We recently reported about the Consumer Financial Protection Bureau’s (CFPB) final remittance rule issued on August 20, 2012 to implement another facet of the Dodd-Frank Act. The rule is directed to companies that send money abroad for consumers, as well as other organizations that work with or represent consumers who send money abroad, including agents, software providers, foreign banks and others involved in international fund transfers from the United States.
The remittance rule was scheduled to take effect on February 7, 2013.
The U.S. Consumer Financial Protection Bureau now says it will revise its rule for international money transfers. The move follows bank complaints that CFPB’s remittance rule could push drive up costs to the point of running of them out of the business.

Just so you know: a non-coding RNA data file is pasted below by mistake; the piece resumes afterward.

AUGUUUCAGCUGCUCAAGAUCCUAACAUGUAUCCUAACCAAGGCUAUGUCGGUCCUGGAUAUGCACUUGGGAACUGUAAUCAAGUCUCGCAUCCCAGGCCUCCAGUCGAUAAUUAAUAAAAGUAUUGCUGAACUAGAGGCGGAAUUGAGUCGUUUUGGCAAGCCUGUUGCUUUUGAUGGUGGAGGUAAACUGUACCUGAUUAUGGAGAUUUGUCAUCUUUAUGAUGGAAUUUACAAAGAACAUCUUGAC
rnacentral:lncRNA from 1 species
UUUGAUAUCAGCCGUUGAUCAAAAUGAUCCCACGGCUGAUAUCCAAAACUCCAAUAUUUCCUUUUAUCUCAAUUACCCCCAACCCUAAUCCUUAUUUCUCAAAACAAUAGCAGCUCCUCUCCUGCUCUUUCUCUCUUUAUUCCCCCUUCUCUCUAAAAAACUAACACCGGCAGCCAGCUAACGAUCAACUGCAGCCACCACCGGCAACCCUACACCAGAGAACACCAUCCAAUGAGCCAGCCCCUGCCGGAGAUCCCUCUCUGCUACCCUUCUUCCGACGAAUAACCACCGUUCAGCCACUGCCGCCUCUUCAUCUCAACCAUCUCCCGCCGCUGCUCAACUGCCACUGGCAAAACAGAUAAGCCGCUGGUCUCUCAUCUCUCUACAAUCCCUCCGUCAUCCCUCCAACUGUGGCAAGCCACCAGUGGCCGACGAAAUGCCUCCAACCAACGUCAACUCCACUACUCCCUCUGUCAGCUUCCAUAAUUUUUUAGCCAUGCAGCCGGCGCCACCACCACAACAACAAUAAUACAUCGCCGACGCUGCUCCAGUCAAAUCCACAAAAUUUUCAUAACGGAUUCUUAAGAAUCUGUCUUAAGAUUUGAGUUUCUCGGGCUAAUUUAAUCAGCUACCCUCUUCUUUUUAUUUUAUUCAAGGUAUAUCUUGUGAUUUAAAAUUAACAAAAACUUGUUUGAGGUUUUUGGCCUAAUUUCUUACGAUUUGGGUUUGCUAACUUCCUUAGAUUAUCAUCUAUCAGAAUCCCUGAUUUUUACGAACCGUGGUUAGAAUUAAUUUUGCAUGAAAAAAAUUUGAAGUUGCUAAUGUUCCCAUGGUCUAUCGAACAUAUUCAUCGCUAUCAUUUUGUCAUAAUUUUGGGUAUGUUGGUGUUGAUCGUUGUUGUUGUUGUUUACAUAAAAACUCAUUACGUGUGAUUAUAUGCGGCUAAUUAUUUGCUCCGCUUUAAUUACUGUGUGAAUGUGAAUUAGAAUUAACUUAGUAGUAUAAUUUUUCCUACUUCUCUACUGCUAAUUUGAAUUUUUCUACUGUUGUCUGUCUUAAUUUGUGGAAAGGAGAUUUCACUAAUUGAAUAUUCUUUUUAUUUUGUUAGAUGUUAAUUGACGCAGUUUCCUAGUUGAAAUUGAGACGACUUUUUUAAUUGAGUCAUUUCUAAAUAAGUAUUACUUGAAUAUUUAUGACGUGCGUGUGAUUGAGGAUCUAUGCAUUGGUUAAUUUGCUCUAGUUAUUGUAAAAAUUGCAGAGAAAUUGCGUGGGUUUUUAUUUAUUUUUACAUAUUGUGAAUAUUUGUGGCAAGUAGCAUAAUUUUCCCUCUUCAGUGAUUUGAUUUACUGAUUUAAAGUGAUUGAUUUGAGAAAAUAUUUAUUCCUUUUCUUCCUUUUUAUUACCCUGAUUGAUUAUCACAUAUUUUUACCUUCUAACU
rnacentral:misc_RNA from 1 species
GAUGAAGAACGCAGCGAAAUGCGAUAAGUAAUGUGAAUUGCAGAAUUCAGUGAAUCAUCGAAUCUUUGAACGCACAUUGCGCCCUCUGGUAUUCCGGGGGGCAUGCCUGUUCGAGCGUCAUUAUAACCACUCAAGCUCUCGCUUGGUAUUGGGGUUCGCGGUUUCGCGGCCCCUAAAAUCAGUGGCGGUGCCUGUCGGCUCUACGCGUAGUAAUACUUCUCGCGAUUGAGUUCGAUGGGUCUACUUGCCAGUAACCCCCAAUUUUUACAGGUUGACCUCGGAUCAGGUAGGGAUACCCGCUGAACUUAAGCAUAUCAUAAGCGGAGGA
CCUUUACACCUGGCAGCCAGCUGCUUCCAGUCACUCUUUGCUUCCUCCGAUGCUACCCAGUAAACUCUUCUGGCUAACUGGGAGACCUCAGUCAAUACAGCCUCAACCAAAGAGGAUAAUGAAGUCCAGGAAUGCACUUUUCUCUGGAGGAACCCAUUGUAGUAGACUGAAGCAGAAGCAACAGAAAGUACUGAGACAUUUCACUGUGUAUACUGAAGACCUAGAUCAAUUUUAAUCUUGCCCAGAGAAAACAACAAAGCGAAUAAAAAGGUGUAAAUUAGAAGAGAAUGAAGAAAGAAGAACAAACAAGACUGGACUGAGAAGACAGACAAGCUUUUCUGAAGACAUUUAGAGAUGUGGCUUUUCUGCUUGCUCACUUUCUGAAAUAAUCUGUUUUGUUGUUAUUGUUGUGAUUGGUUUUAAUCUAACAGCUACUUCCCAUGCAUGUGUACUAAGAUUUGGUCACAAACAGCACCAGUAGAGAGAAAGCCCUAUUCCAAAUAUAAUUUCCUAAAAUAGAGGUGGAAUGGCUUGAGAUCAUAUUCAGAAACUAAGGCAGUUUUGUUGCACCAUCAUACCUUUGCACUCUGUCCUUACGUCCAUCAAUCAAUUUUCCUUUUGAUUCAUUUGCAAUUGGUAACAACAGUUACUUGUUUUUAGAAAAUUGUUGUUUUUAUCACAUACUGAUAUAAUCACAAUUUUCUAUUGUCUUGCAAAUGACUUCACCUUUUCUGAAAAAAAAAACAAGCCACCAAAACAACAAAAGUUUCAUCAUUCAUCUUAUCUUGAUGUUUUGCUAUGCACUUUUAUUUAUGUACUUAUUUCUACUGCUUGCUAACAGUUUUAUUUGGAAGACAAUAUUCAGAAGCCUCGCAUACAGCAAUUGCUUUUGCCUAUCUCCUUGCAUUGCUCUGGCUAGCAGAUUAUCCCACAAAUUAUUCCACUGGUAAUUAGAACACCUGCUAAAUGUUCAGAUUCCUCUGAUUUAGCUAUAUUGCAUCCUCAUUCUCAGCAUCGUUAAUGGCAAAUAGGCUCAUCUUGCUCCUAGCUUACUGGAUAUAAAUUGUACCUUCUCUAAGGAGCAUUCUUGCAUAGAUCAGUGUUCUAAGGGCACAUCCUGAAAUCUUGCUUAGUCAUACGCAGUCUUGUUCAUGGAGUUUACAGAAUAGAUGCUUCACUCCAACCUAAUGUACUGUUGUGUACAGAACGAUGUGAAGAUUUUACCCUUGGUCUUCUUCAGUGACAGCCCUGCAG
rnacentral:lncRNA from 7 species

CFPB now plans to issue a revision this month and allow time for comments before the revised rule takes effect. The revised rule is expected to address what should happen if a consumer provides an incorrect account number for a transfer and how remittance providers must disclose third-party fees and foreign taxes.
The remittance rule is another complicated facet of implementing the provisions under Dodd-Frank, and is supposed to improve consumer understanding of costs. The CFPB anticipates the new effective date will be some time in the spring of 2013.
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